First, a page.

The issuance of jumbo residential mortgage-backed securities has been slow—and the outlook for jumbo RMBS issuance for 2016 doesn’t look good, according to the January 2016 RMBS Research Report issued by Morningstar Credit Ratings this week.
Housing prices have been on a steady upward climb—earlier this week, Black Knight Financial Services reported that the median price of a home in October 2015 was $254,000, a 5.5 percent increase year-over-year and only 5.3 percent off of the peak price of $268,000 reached in June 2006. Recovering home prices have translated to improved investor sentiment, but that has not lifted the private label RMBS market for three reasons, according to Morningstar.
First, issuers find the GSE market easier to navigate; secondly, issuers find agency sales (selling loans to GSEs) and whole loan sales (selling the loans into the secondary market) more economical and more favorable than selling loans through private-label securitization (PLS); and finally, issuers are skeptical about loosening their tight credit standards and originating loans outside of the January 2013 qualified mortgage guidelines issued by the Consumer Financial Protection Bureau (CFPB), Morningstar said.
While the issuance of jumbo RMBS has been slow, issuances of resecuritization (also known as REMICs) and transactions backed by both nonperforming loans (NPLs) and reperforming loans (RPLs) is expected to continue its growth in 2016, according to Morningstar.
“There is a steady flow of issuance on these transactions, but most are nonrated,” wrote Morningstar Analytical Manager Brian Grow and SVP Gaurav Singhania, the authors of the report. “In 2015, Morningstar Credit Ratings, LLC rated eight re-REMICs and one nonperforming loan transaction. We expect the flow of re-REMICs, NPLs, and RPLs to persist in 2016, and we expect a growing number of these transactions to be rated. This should bolster investment in the residential mortgage securitization market because ratings on these nonjumbo transactions expand the investor base and broaden market participation because of favorable capital charge requirements.”
“More participation of private capital is needed to reduce the mortgage risk held by the U.S. government and to build a sustainable housing market.”
Morningstar Credit Ratings
Morningstar stated that the revival of jumbo RMBS issuance will drive the rejuvenation of the private-label RMBS market, but such a revival is unlikely in the near term. Issuers prefer to sell to loans to GSEs rather than to the private market because there is much less risk involved in originating and selling loans to the GSEs. Another reason why the outlook is less than positive for jumbo RMBS issuance is that the share of the agency market compared with private-label securities has long been disproportionate and has not shown any signs of improving. PLS accounted for only 7.5 percent of the total mortgage market as of the second quarter in 2015, according to the Urban Institute—and private-label originations made up less than 1 percent (0.96) of first-lien originations in the first half of 2015.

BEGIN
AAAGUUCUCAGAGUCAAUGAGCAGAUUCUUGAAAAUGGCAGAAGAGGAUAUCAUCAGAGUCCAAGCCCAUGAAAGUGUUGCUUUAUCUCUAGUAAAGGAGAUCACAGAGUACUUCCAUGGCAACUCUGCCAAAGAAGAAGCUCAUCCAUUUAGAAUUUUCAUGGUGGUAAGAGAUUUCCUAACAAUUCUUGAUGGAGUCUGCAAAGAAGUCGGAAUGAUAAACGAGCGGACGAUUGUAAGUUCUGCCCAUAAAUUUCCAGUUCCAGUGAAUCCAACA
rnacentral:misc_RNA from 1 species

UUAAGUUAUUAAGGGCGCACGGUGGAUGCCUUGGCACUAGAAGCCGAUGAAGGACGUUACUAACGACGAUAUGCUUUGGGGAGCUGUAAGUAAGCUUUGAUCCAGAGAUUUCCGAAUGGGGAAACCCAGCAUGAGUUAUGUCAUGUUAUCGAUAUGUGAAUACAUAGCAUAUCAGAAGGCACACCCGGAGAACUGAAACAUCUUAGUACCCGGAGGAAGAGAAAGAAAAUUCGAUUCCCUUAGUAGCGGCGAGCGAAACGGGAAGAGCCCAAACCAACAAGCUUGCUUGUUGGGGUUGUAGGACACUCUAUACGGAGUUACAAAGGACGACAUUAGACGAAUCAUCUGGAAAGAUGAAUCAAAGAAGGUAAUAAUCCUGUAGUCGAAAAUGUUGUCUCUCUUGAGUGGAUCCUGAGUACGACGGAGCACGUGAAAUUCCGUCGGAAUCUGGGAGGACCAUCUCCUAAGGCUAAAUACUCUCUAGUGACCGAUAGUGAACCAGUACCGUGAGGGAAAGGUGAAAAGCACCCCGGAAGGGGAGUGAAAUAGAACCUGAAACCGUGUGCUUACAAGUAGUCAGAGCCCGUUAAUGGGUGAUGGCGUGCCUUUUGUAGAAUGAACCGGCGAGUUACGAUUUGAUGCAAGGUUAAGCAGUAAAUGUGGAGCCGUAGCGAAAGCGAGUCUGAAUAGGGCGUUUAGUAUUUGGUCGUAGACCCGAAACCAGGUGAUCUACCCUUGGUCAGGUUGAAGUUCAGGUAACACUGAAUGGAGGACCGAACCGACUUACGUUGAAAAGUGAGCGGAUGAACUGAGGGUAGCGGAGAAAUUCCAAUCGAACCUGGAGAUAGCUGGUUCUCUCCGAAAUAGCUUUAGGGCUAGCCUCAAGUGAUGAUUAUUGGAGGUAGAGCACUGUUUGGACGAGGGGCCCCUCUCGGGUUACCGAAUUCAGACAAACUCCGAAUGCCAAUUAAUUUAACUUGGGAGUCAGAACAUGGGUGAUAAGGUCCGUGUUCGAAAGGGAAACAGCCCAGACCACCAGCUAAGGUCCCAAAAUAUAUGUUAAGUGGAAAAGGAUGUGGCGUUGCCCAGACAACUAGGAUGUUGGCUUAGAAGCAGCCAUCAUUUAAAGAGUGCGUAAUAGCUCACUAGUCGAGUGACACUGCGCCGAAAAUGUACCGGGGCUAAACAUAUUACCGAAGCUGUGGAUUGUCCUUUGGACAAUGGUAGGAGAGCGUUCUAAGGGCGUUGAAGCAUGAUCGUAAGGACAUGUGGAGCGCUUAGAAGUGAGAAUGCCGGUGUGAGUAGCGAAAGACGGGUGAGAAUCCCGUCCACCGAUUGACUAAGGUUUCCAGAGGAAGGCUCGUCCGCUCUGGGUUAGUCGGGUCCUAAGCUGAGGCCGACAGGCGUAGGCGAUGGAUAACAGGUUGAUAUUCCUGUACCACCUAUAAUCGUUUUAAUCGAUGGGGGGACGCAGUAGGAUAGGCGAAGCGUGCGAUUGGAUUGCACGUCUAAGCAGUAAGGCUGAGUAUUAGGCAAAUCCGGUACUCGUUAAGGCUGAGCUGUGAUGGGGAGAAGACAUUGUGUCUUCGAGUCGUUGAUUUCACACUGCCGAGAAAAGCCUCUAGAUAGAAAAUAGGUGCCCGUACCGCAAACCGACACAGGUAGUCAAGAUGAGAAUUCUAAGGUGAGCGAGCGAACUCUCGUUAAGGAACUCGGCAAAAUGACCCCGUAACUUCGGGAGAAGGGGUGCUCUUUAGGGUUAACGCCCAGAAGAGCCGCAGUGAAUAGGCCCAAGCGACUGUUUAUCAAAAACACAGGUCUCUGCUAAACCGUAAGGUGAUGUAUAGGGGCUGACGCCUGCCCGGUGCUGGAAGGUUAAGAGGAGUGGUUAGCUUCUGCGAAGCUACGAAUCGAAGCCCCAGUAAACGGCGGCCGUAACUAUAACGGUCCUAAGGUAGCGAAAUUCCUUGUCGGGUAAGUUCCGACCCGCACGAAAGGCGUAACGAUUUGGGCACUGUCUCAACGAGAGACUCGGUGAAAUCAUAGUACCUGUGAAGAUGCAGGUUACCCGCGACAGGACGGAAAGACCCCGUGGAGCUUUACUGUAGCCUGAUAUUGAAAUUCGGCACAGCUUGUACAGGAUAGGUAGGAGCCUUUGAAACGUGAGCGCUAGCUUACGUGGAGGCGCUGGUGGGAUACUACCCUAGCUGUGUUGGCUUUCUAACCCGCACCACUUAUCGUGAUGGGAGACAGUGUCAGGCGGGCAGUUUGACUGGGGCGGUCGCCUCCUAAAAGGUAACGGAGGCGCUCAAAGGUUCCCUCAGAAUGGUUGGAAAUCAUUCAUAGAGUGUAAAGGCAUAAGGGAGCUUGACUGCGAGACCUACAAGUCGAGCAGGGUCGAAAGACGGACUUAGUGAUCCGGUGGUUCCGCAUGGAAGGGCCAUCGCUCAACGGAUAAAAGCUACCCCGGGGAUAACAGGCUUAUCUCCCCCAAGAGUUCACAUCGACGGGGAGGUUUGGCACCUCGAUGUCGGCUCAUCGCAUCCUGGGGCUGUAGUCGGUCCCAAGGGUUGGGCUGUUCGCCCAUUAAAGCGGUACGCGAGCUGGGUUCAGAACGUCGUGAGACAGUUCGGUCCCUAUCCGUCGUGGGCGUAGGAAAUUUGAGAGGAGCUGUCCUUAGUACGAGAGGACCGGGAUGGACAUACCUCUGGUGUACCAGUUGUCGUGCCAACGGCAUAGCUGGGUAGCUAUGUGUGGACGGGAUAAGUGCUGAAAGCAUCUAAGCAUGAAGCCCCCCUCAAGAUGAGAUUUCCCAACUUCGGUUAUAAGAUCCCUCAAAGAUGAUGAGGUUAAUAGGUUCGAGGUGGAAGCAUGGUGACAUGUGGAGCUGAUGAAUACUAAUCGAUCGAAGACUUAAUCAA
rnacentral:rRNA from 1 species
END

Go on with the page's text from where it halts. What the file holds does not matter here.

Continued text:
“This disproportionate share enjoyed by the GSEs in the mortgage market has acted as a deterrent for private capital and has resulted in the GSEs bearing most of the risk for the country’s mortgage market,” Grow and Singhania wrote. “More participation of private capital is needed to reduce the mortgage risk held by the U.S. government and to build a sustainable housing market.”
When originators are faced with the choice of keeping loans on the books, selling the loans to another buyer or securitizing the loan, the decision depends on the best execution outcome—and right now, whole loan sales offer a higher yield than securitization, making an increase in the pace of new-issue RMBS unlikely.
“Private-label transactions requiring due diligence on 100 percent of the securitized loans, additional third-party oversight, and other expenses add substantial costs to RMBS securitization, and the originators might find it more attractive to hold the loans instead,” Grow and Singhania wrote. “Morningstar believes a framework that balances investor protection with reasonable due-diligence requirements is a more desirable outcome from a practical standpoint.”